Martin D. Yant began his career in 1971 at The Pittsburgh Press  after graduating from Georgetown University. From 1972 to 1978, he served in  several key editing positions at the Chicago Daily News and Chicago  Sun-Times. In 1978, Yant became editor of the Mansfield, Ohio, News  Journal. An award-winning investigation Yant launched there led to the  conviction of the sheriff and seven deputies; the resignation of the county  coroner and the closing of his private medical lab; and the defeat of several  other elected officials. Articles about Yant's crusading journalism in  Mansfield appeared in The New York Times; Time magazine;  and many other publications -- some as far away as France and Russia.  

From 1981 to 1991, Yant was commentary editor and a columnist at The   Columbus Dispatch, where editorial differences prompted Yant to resign in  1991 to devote full time to independent journalism and investigations of  possible wrongful convictions. Since then, evidence Yant developed has aided in  the exoneration of 9 innocent inmates, two of whom were originally  sentenced to death. Two others were released after governors expressed doubt  about their guilt and made them immediately eligible for parole.  

The licensed private investigator has discussed wrongful  convictions and other forms of injustice on numerous TV and radio talk  shows and had his investigations featured on NBC-TV’s Unsolved  Mysteries, The CBS Evening News, 48 Hours, A&E’s  American Justice, the Discovery Channel and a German TV network.   Yant also was a consultant for Final Appeal, an NBC-TV series on  wrongful convictions, in 1992. That same year, an exposé on the Franklin County  Sheriff’s Department he wrote for Columbus Alive was credited with  causing the electoral defeat of the powerful incumbent sheriff, Earl  Smith. In 1994, the evidence Yant helped develop on a jailhouse beating  death in Columbus led to the largest civil-rights settlement in Ohio history. In  1996, while representing himself, Yant won a public-records case against  the Ohio Bureau of Worker's Compensation in the Ohio Supreme Court. A  series of articles Yant co-wrote with Bob Fitrakis on the John Byrd  death-penalty case for Columbus Alive won a statewide  journalism award in 2002. Yant also has written five books:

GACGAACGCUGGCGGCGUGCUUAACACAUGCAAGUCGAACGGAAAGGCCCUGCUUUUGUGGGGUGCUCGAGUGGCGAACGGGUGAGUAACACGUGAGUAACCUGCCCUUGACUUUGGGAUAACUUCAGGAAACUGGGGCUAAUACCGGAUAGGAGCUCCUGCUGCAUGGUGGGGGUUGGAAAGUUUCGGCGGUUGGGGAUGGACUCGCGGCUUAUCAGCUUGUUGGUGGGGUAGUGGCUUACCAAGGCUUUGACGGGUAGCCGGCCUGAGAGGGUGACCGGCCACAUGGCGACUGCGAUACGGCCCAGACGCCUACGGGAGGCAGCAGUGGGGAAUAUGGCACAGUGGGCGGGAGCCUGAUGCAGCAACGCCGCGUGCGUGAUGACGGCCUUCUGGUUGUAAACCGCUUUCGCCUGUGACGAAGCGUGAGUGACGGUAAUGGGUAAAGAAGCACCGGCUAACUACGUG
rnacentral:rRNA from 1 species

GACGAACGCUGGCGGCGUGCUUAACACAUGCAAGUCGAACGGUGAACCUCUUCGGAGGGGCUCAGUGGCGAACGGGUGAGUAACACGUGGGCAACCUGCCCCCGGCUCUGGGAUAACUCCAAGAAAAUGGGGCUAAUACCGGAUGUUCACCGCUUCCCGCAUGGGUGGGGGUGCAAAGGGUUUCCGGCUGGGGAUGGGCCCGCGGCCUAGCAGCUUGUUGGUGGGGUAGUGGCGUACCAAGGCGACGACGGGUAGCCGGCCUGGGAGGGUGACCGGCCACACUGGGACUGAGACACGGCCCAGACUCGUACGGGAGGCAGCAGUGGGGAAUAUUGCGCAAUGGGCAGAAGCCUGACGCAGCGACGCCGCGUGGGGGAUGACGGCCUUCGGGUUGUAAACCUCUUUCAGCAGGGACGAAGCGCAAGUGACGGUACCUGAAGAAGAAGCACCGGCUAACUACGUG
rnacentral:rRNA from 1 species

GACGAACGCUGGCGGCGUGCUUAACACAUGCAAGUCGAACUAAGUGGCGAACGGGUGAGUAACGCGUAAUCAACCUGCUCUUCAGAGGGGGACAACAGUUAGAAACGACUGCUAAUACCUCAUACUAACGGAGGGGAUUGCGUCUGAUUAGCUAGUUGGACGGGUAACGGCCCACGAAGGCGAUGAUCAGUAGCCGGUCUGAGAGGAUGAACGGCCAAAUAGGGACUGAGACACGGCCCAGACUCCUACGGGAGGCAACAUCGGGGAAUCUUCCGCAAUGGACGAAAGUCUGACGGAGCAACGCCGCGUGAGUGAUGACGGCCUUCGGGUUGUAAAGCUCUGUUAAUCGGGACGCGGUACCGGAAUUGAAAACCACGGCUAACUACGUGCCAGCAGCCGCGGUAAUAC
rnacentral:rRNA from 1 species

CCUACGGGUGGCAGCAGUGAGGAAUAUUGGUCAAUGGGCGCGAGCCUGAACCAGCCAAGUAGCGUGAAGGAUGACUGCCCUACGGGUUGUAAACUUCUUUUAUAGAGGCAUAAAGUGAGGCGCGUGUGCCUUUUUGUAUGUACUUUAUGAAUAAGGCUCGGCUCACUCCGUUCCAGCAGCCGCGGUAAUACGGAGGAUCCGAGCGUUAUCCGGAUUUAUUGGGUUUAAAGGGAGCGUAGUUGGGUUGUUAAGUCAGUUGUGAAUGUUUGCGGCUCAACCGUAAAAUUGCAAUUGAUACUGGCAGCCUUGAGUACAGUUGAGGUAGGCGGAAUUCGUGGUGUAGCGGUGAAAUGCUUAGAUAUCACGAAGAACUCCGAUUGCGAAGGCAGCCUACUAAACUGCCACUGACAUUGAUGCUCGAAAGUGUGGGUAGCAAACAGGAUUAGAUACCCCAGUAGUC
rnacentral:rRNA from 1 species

*  Presumed Guilty: When Innocent People Are Wrongly Convicted  (Prometheus, 1991) shows how carelessness, investigations that fit facts to  theories, the use of long-discredited investigative techniques, prejudice and  the desire of police and prosecutors to “win” at any price cause thousands of  mistaken convictions for serious crimes every year. An August 2000 review of all  books on wrongful convictions written in the last 100 years in Justice  Denied: The Magazine for the Wrongly Convicted pronounced Presumed  Guilty “the most readable, [which] in no detracts from its wealth of  information.”  

* Desert Mirage: The True Story of the Gulf War (Prometheus,  1991) documents how the Bush administration deceived Americans into supporting  the pursuit of power disguised as the pursuit of principle. Kirkus  Reviews called the book “a carefully documented, scathing indictment of the  Persian Gulf War . . . in the best tradition of contrarian investigative  journalism.” Foreword by Senator John Glenn, who called Yant “a craftsman of  meticulous research, insightful analysis and unflinching conclusions.”  

* Rotten to the Core: Crime, Sex and Corruption in Johnny  Appleseed’s Hometown (Public Eye, 1994), a personal account of what Time  called a “painful victory” by a “persistent editor” over corruption in a typical  American town. “ Every citizen . . . ought to read this book,” Steve Allen wrote  in his foreword. Added Akron Beacon Journal columnist Steve Love:  “[Yant] gives journalists a good name, serving as a counterweight to the  profession’s often poor standing in public opinion polls.”  

* Tin Star Tyrants: America’s Crooked Sheriffs (Public Eye,  1995) unmasks those who use their tin stars as a license to cheat, steal, frame  suspects, beat and kill. “This eye-opening exposé . . . is a powerful reminder  of the importance of a free press,” Publisher’s Weekly said. "The  better stories crackle with a sense of small-town America not much changed since  Dashiell Hammett’ s Red Harvest."  

* Rotten to the Core 2: More Crime, Sex and Corruption in Johnny  Appleseed’s Hometown (Public Eye, 2003), an updated and greatly expanded  personal account of Yant’s battle against corruption in a typical American town.  The final chapter tells how Yant’s investigations since leaving Mansfield, Ohio,  have convinced him that corruption is a widespread cancer on America’s soul. "If  you care about how our public officials carry out their duties, a copy of  Rotten to the Core 2 deserves a prominent spot on your library  shelves." -- Bob Powers, The Marietta  Times

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